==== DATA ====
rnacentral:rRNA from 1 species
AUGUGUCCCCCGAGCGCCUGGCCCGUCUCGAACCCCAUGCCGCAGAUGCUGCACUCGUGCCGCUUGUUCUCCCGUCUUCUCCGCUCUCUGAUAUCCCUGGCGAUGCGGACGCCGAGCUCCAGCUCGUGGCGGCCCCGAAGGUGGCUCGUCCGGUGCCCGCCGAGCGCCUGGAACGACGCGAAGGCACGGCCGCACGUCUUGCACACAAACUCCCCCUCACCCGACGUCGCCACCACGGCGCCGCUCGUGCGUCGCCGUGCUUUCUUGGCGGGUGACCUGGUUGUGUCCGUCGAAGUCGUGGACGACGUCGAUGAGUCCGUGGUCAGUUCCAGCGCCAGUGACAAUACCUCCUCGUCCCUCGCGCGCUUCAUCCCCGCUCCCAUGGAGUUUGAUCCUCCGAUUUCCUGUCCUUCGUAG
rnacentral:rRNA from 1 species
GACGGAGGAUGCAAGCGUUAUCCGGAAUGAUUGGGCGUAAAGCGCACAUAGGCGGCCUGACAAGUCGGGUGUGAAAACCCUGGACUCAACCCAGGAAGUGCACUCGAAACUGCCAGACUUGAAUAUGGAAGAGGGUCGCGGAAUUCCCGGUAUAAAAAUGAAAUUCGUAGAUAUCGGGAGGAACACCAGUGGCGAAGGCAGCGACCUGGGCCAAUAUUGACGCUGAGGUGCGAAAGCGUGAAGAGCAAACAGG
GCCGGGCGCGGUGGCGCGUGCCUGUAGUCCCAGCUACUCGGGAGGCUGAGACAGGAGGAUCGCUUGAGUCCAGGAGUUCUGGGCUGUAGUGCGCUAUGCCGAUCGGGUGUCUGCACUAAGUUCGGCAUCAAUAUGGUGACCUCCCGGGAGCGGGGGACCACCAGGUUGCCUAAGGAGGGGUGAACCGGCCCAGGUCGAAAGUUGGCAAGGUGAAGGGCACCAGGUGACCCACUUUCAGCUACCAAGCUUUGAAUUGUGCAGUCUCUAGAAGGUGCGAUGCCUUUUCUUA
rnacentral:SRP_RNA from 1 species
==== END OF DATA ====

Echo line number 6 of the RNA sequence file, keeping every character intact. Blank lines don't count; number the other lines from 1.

rnacentral:SRP_RNA from 1 species